In theory you could use a cryptographically secure one-way hashing algorithm to guarantee anonymity here, but that still leaves the door open to tampering - e.g. by hacking voting devices so it confirms you've voted on X while actually casting a vote on Y.
Note that, in practice, physical votes aren't a panacea either. Horror stories include:
- Ballot stuffing, e.g. when a ballot box is left behind during a (fake) fire emergency.
- Ballot theft, e.g. by intercepting votes sent by snail mail, by making a ballot box disappear, etc.
- Irregular votes, e.g. when someone votes for you using a fake ID (or indeed no ID at all, in countries where there's no such a thing), or when dead voters are mysteriously casting votes.
It's arguably difficult to scale any of this when physical ballots are involved, but the point here is that physical ballots aren't a silver bullet. Electronic voting, for all its problems, is not without merits in this sense.
As one who worked a bit in the field, I expect that what will triumph in the end is a combination of the two as hinted further up: electronic votes backed with physical ballots. It gives you the best of both worlds: quick counts and auditability. (It might simply take the shape of a sophisticated enough ballot counting machine.)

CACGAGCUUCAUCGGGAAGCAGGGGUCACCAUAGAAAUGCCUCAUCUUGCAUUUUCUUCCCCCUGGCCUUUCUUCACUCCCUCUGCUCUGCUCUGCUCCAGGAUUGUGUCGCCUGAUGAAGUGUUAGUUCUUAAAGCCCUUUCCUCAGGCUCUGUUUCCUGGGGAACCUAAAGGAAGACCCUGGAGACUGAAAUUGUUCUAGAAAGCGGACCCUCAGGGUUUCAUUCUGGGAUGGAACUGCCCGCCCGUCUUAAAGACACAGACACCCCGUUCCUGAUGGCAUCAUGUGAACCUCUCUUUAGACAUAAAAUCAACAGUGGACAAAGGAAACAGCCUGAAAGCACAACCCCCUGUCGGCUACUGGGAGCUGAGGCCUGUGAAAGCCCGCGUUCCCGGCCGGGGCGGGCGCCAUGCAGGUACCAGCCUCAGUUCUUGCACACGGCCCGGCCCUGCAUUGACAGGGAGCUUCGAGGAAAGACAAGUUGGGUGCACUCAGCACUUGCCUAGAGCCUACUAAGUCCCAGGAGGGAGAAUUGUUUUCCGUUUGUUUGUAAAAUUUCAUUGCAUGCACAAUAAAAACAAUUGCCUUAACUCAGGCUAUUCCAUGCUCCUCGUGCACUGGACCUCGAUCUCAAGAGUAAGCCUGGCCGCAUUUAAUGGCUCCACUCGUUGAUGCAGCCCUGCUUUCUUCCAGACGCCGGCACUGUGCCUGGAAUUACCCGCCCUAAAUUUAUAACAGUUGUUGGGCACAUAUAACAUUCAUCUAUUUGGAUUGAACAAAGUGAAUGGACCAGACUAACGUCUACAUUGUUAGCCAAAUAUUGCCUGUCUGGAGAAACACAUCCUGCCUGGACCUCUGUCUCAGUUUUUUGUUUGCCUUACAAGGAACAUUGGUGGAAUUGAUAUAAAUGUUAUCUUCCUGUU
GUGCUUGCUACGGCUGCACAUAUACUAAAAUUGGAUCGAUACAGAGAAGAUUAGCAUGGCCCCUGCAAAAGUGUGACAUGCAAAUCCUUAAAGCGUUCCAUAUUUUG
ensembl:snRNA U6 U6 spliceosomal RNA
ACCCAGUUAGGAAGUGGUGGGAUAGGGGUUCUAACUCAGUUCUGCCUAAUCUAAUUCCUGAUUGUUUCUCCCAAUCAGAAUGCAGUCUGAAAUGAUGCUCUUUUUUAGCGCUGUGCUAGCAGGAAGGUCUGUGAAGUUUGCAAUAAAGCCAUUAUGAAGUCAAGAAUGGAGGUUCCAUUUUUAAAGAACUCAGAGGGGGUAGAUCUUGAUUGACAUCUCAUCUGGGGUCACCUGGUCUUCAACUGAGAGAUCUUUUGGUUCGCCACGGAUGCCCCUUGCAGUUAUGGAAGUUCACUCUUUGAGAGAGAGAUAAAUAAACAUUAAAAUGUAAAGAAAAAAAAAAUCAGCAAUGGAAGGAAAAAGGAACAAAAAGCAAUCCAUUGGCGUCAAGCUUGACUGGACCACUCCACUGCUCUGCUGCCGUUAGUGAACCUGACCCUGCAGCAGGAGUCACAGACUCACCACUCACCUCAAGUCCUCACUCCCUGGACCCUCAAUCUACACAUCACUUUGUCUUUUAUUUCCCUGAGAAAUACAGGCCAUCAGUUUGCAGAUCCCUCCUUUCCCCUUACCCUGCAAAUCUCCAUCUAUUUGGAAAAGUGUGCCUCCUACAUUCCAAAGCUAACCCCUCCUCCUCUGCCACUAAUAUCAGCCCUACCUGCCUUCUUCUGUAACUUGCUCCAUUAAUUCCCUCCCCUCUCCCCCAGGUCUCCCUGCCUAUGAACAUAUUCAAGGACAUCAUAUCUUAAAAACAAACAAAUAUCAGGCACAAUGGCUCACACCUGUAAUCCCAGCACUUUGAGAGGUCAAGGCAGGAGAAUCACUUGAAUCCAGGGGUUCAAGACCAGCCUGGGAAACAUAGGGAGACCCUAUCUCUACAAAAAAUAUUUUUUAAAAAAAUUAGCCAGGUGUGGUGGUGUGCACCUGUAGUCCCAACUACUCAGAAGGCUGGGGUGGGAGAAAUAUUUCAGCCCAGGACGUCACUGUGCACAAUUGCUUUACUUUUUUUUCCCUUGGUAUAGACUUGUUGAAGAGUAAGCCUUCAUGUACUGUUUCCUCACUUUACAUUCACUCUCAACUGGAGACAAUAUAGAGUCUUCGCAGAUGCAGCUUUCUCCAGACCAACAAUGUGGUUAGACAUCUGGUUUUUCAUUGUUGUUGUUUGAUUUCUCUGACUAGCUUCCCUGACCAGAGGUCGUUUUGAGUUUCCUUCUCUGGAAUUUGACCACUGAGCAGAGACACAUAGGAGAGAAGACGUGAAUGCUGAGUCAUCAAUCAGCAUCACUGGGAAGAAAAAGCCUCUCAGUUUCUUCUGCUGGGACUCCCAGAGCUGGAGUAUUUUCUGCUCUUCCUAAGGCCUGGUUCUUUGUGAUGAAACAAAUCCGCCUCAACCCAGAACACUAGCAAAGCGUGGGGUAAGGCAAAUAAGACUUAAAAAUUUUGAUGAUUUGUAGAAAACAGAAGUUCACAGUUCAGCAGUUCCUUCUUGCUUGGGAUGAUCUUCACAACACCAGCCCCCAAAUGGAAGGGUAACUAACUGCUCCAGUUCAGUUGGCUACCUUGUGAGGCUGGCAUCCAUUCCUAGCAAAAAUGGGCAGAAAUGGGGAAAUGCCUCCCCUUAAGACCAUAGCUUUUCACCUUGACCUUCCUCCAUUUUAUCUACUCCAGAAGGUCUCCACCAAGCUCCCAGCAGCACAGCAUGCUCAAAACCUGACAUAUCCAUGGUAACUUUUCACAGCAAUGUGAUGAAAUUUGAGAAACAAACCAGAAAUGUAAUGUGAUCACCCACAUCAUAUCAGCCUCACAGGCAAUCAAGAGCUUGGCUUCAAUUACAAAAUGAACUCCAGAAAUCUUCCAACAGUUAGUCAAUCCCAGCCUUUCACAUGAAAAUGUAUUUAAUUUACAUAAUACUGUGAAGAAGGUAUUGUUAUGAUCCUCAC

Transparency is one of the biggest arguments against online voting.
The more complicated the process by which votes are represented, the more expert knowledge you need to be able to trace the "route" necessary to transform the voters will into something countable and then into the actual result.
When you vote on paper you can "just" count - the "route" taken is physical, i.e. you can monitor the paper trail, it does not take much expert knowledge.
Whereas if you let people vote online, that puts more responsibility in terms of data security into the hands of the voter (which might be perceived as positive), but knowledge about how votes will be counted or how you would go about verifying that the voting process was not corrupted, requires more than just basic computer knowledge.
- User identity protection.
- Hacks to tamper the data.
- force voting
solution to drawbacks :
use bitcoin's base technology blockchain to secure the user identity. Most importantly it will be tamper proof. Main challenge here will be design the right architecture and flow. for force voting allow the voting duration for say 10 days and within that duration allow user to change their vote.
One aspect easily overseen is that secret voting not only means "no one can observe my vote against my will", but also "no one can observe my vote even if I want to". Mail voting aside, this is an extremely important concept of traditional votes, as it makes it nearly impossibly to buy or blackmail votes. If someone gives me $100 for my vote, how could I prove I voted for him? I am not allowed to share my vote with someone. In online voting, it's more like mail voting, which can only be tolerated for that reason if it's only a fraction of the votes.